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Eighteen new chapters have been added to the 2000 edition of this valuable Handbook, which serves as a core text for students and experienced professionals who are interested in the health and well being of young children. It serves as a comprehensive reference for graduate students, advanced trainees, service providers, and policy makers in such diverse fields as child care, early childhood education, child health, and early intervention programs for children with developmental disabilities and children in high risk environments. This book will be of interest to a broad range of disciplines including psychology, child development, early childhood education, social work, pediatrics, nursing, child psychiatry, physical and occupational therapy, speech and language pathology, and social policy. A scholarly overview of the underlying knowledge base and practice of early childhood intervention, it is unique in its balance between breadth and depth and its integration of the multiple dimensions of the field.
If the earlier edition of the handbook represented the coming of age of the field of early childhood intervention, the presentation of this edition surely marks the beginning of its maturity. As developmental psychologists know well, each stage of development brings characteristic triumphs and challenges, with occasional setbacks and recurrences of the previous stage's struggles, not entirely abandoned as the young move forward into new stages along their growth trajectory. Our young field is no exception. A decade later, we are stronger, wiser, and capable of more complex tasks and deeper understanding than we were, yet old difficulties reassert themselves and continue to beset us, and there is still much to learn. Just as social expectations increase as the individual reaches maturity, the responsibilities of the field of early intervention have been accruing apace. We know more now; we have a great deal to do.
Throughout the 1990s, we have witnessed great breakthroughs in the field of brain development. Recent brain research has demonstrated with unprecedented certainty the importance of early experience in influencing the actual growth and development of neural pathways in the individual (Kotulak, 1996). During the years from 3 to 10, the brain is more densely “wired” than at any other time in the child's life. This means that there is literally a profusion of synapses connecting brain cells that are present in the growing child.
This exploratory study compares the prevalence of personality disorders and traits in people over and under 55 years of age. The comorbidity between personality and other psychiatric disorders is also examined.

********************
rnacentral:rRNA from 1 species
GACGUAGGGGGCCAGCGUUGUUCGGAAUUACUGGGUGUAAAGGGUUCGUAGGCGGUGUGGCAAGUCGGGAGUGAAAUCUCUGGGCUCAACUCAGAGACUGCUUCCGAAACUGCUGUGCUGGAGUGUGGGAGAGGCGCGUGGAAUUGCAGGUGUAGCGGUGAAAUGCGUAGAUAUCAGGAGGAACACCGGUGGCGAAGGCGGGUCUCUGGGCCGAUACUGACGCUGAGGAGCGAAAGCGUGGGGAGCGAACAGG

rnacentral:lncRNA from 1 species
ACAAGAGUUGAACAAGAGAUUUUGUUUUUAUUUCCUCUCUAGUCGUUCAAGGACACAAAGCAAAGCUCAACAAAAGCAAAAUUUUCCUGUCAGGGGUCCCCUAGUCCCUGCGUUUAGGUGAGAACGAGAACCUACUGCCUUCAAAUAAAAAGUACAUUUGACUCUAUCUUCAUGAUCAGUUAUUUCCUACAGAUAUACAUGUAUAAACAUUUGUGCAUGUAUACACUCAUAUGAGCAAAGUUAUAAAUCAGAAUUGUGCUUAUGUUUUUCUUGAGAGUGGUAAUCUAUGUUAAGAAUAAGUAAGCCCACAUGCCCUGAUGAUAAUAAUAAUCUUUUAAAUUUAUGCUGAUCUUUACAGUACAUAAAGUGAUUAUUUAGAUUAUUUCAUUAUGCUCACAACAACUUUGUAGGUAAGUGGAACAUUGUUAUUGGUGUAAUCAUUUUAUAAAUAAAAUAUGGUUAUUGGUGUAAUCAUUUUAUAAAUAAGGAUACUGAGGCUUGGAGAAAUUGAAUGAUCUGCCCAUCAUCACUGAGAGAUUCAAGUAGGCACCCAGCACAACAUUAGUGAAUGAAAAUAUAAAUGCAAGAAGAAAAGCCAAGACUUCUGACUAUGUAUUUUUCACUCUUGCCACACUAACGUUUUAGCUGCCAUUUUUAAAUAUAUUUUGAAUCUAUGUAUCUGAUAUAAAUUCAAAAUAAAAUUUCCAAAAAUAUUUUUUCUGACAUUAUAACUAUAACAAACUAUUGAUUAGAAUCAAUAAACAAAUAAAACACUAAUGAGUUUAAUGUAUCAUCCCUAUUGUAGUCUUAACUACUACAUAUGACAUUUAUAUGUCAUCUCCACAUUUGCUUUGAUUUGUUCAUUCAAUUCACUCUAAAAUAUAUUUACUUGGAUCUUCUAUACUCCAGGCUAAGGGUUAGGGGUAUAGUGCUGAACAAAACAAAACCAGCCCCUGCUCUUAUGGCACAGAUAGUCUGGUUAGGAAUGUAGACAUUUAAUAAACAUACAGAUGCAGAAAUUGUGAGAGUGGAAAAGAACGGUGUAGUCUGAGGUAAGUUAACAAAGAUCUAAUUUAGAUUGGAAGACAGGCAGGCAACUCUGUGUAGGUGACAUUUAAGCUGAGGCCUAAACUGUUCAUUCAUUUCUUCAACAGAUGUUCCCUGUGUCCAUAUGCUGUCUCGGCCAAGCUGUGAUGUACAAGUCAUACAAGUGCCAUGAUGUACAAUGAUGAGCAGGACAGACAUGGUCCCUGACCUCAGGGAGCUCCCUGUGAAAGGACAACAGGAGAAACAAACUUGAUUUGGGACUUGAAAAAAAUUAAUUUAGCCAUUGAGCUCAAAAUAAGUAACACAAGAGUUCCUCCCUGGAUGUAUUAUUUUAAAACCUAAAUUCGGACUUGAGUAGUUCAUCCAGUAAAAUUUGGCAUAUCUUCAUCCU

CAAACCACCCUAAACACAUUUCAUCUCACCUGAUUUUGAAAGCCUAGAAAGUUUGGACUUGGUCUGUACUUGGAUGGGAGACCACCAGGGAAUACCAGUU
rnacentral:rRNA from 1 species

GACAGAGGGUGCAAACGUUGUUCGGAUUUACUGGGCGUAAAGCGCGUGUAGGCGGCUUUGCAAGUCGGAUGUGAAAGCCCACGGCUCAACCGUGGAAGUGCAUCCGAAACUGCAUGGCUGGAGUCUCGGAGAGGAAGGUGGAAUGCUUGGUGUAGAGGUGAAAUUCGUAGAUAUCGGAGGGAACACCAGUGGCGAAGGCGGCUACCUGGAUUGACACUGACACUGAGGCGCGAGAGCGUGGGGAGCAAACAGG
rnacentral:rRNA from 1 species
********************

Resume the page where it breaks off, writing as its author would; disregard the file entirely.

Psychiatrists examined 810 subjects in a two-stage community survey. The semi-structured Standardized Psychiatric Examination was used to diagnose all DSM-III personality disorders and other psychiatric disorders.
The older subjects were significantly less likely than the younger subjects to have any personality disorder (6.6% v. 10.5%; relative odds = 0.42, 95% confidence interval = 0.25–0.70, P<0.001). Antisocial and histrionic personality disorders were much less prevalent in the older than younger subjects (P < 0.05). The older subjects also had significantly fewer maladaptive personality traits (x2 = 88.9, d.f. = 3, P < 0.001). The patterns of comorbidity between personality disorders and other psychiatric disorders were different in the two age groups.
It is important to evaluate personality in patients of all ages. While some older patients no longer meet criteria for personality disorder, maladaptive traits may become evident during times of stress.
It is difficult to read both the theoretical literature in political science on the causes of war and historians' case studies of the origins of particular wars without being struck by the difference in their respective evaluations of the importance of domestic political factors. Whereas historians devote considerable attention to these variables, most political scientists minimize their importance. Domestic political variables are not included in any of the leading theories of the causes of war; instead, they appear only in a number of isolated hypotheses and in some empirical studies that are generally atheoretical and noncumulative. This gap is troubling and suggests that political scientists and historians who study war have learned little from each other. A greater recognition of the role of domestic factors by political scientists would increase the explanatory power of their theories and provide more useful conceptual frameworks for the historical analysis of individual wars.
This study takes a first step toward bridging this gap by examining some of the disparate theoretical literature on domestic politics and war. It examines the relationship between national attributes and war behavior, the relative likelihood of democratic and non-democratic regimes going to war, Marxist and liberal theories regarding the impact of economic structure, the influence of nationalism and public opinion, and the scapegoat hypothesis. First, however, this article takes a closer look at the different treatment of domestic sources of war by political scientists and historians.